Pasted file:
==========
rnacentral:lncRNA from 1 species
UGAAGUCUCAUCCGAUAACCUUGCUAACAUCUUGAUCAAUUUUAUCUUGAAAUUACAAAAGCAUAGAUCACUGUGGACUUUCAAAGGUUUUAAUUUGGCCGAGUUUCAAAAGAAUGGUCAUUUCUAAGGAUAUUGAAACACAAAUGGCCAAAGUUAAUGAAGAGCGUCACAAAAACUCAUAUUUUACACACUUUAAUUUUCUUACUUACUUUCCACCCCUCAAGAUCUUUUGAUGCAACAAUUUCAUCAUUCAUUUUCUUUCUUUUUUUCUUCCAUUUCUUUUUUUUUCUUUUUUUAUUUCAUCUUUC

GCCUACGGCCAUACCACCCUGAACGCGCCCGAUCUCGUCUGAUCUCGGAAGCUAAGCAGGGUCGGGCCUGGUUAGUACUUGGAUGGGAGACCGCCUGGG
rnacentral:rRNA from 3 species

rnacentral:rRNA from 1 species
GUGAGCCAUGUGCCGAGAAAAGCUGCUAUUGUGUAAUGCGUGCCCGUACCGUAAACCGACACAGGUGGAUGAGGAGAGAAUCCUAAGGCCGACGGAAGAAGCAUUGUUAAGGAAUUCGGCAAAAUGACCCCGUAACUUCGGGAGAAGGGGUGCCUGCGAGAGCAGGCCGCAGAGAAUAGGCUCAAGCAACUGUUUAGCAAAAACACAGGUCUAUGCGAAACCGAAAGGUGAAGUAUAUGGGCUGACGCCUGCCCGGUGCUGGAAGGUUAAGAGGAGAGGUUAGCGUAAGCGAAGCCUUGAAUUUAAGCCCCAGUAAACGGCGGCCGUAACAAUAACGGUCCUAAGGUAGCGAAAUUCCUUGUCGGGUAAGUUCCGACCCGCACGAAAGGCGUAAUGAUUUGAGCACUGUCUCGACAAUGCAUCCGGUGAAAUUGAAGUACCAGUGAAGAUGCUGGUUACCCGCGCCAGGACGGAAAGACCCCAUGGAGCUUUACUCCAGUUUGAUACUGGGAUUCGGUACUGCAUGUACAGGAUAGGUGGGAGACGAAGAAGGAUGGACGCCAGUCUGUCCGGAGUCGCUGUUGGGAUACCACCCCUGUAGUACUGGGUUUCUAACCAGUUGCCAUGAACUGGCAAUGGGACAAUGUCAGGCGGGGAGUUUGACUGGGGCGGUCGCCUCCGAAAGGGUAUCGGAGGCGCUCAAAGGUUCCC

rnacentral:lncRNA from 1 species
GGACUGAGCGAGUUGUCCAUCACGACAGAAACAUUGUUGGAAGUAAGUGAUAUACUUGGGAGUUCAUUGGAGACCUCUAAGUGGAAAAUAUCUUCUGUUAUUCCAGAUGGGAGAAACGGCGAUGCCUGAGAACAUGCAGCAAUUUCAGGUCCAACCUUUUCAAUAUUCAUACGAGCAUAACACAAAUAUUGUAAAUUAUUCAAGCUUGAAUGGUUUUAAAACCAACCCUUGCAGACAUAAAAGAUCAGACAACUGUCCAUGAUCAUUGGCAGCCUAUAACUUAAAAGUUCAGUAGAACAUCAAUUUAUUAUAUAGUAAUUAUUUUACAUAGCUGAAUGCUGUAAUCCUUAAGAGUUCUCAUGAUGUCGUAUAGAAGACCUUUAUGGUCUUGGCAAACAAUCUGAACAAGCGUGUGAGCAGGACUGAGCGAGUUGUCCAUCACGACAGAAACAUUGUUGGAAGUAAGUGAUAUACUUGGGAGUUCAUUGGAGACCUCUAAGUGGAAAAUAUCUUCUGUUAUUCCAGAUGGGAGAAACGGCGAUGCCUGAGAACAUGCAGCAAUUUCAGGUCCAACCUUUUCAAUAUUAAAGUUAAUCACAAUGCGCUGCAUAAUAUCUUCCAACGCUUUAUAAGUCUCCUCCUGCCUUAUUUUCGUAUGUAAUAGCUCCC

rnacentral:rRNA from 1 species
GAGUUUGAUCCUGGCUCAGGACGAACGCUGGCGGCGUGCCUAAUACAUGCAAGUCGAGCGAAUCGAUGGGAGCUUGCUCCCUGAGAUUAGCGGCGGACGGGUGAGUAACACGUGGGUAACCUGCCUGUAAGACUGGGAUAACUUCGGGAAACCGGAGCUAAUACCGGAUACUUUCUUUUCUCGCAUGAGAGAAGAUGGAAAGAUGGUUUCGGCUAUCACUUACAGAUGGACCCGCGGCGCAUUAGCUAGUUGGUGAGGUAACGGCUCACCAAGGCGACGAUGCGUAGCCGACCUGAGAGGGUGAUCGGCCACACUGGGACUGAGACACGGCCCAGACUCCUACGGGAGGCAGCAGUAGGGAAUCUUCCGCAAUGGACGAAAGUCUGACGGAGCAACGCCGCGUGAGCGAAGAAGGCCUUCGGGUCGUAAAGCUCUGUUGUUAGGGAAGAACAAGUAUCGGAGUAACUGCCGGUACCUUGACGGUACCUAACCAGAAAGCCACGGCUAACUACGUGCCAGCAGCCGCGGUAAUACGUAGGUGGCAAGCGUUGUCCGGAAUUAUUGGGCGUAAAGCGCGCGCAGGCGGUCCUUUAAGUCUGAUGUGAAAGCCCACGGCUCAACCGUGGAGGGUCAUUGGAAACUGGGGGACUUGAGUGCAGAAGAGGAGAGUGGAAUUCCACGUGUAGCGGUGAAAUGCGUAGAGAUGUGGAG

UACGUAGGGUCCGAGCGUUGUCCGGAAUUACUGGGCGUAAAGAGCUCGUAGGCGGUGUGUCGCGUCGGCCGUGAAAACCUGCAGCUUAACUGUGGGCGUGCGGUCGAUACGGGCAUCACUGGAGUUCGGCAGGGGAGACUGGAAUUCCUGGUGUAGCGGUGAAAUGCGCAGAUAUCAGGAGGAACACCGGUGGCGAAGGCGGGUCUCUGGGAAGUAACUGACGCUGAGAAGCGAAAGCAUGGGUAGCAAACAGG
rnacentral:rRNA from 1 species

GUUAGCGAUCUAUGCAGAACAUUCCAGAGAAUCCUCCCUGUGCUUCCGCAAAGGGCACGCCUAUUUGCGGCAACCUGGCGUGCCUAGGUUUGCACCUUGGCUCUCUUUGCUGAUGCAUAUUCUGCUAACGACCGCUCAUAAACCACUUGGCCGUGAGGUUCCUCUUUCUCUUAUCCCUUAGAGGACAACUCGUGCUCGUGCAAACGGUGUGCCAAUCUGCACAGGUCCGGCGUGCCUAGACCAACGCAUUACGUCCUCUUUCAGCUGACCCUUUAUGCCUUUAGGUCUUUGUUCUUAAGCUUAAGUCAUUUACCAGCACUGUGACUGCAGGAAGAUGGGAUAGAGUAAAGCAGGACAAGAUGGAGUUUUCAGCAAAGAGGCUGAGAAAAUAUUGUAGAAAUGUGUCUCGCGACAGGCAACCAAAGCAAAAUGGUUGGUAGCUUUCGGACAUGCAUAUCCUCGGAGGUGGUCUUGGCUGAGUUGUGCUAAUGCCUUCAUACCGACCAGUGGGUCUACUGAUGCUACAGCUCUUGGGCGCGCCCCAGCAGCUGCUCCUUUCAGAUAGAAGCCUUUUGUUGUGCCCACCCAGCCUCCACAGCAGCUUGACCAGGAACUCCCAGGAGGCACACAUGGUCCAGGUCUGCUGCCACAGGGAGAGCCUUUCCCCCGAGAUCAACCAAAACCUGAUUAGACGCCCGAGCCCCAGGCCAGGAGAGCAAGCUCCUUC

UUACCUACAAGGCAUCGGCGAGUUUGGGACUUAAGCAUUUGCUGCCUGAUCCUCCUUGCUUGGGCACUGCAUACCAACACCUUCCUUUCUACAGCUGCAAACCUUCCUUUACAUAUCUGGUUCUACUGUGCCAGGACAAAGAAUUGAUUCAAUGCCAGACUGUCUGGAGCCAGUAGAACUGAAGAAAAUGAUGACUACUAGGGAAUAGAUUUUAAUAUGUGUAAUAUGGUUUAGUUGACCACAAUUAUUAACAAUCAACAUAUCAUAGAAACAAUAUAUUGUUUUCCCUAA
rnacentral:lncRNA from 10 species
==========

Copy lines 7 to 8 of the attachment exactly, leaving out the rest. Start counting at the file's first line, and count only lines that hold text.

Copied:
rnacentral:lncRNA from 1 species
GGACUGAGCGAGUUGUCCAUCACGACAGAAACAUUGUUGGAAGUAAGUGAUAUACUUGGGAGUUCAUUGGAGACCUCUAAGUGGAAAAUAUCUUCUGUUAUUCCAGAUGGGAGAAACGGCGAUGCCUGAGAACAUGCAGCAAUUUCAGGUCCAACCUUUUCAAUAUUCAUACGAGCAUAACACAAAUAUUGUAAAUUAUUCAAGCUUGAAUGGUUUUAAAACCAACCCUUGCAGACAUAAAAGAUCAGACAACUGUCCAUGAUCAUUGGCAGCCUAUAACUUAAAAGUUCAGUAGAACAUCAAUUUAUUAUAUAGUAAUUAUUUUACAUAGCUGAAUGCUGUAAUCCUUAAGAGUUCUCAUGAUGUCGUAUAGAAGACCUUUAUGGUCUUGGCAAACAAUCUGAACAAGCGUGUGAGCAGGACUGAGCGAGUUGUCCAUCACGACAGAAACAUUGUUGGAAGUAAGUGAUAUACUUGGGAGUUCAUUGGAGACCUCUAAGUGGAAAAUAUCUUCUGUUAUUCCAGAUGGGAGAAACGGCGAUGCCUGAGAACAUGCAGCAAUUUCAGGUCCAACCUUUUCAAUAUUAAAGUUAAUCACAAUGCGCUGCAUAAUAUCUUCCAACGCUUUAUAAGUCUCCUCCUGCCUUAUUUUCGUAUGUAAUAGCUCCC